Women Rocking The Boat - Sarah Jones - Doin' So Much08/10/2012 09:26PM ● By Christina Freeman
Story by Deb Olsen/Photo by Corey Kopischke
Being around Sarah Jones makes you squirm a little at the thought of the empty pizza box that went into the trash instead of the recycling bin last night. That’s not really fair because Jones is not judgmental. She says people should do what they can for the environment, and be aware.
It’s just that Jones does so much.
The new executive director of Yampa Valley Sustainability Council has only been in Steamboat Springs for two years. In that time, she has been involved with recycling through the schools, the Zero Waste Initiative and Re-Tree Colorado.
“The key is to have recycling become part of the culture and the schools,” says Jones, who earned her master’s degree in environmental geochemistry at CU-Boulder. She has two school-age sons, which may be why so much of her attention has been focused on education.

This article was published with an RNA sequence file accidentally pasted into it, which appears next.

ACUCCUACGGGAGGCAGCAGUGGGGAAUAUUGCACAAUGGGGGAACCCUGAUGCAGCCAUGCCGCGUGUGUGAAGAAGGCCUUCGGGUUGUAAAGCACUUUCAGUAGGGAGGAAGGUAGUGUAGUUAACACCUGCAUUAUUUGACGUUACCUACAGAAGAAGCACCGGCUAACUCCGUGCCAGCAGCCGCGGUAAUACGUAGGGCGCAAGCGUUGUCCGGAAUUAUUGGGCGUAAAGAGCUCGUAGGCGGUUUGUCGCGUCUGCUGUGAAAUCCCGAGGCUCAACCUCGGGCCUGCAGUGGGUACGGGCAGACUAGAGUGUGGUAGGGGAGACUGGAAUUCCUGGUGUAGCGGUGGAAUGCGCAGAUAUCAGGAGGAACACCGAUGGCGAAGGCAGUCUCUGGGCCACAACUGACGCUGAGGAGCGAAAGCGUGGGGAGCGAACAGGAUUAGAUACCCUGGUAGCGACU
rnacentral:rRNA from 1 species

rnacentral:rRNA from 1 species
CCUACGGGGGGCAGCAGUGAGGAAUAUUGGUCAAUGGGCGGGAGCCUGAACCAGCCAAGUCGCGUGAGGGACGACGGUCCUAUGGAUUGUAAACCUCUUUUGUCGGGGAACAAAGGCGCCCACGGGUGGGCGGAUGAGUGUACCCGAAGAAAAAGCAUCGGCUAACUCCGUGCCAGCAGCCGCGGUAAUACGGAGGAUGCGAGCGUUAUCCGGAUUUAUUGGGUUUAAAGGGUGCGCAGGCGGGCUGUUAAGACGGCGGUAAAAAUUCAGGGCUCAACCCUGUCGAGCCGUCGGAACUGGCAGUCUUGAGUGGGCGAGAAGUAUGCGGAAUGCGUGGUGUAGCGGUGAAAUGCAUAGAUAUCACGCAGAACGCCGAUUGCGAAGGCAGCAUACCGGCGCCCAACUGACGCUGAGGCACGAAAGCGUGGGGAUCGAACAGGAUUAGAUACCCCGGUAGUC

She developed a team of “energy ninjas” last school year – students who left anonymous sticky notes reminding people of the need to conserve resources. Even teachers weren’t exempt; an empty classroom with the lights on likely warranted a “you could be doing better” note on the light switch.
The school’s “dream team” works with the principal to reward energy efficiency. This summer, Jones is developing guides for teachers, and she is helping plan the annual sustainability assembly in schools during the fall.
Her husband is on the same page, she says, when it comes to recycling, but it’s their children who have most sincerely taken her conservation message to heart. “The kids are super-aware,” she says. “They’re perhaps the most outspoken of all of us.”
Under Jones’ auspices, the sustainability council is working on a countywide economic development initiative related to energy efficiency upgrades. The hope is to develop a program using local contractors to follow projects from home audit to completion – whether that’s installation of an alternative heating system or building a new house. “If everybody reduces their energy use, then that’s the best thing,” she says. “I would love for sustainability to become something that’s accessible to everybody.”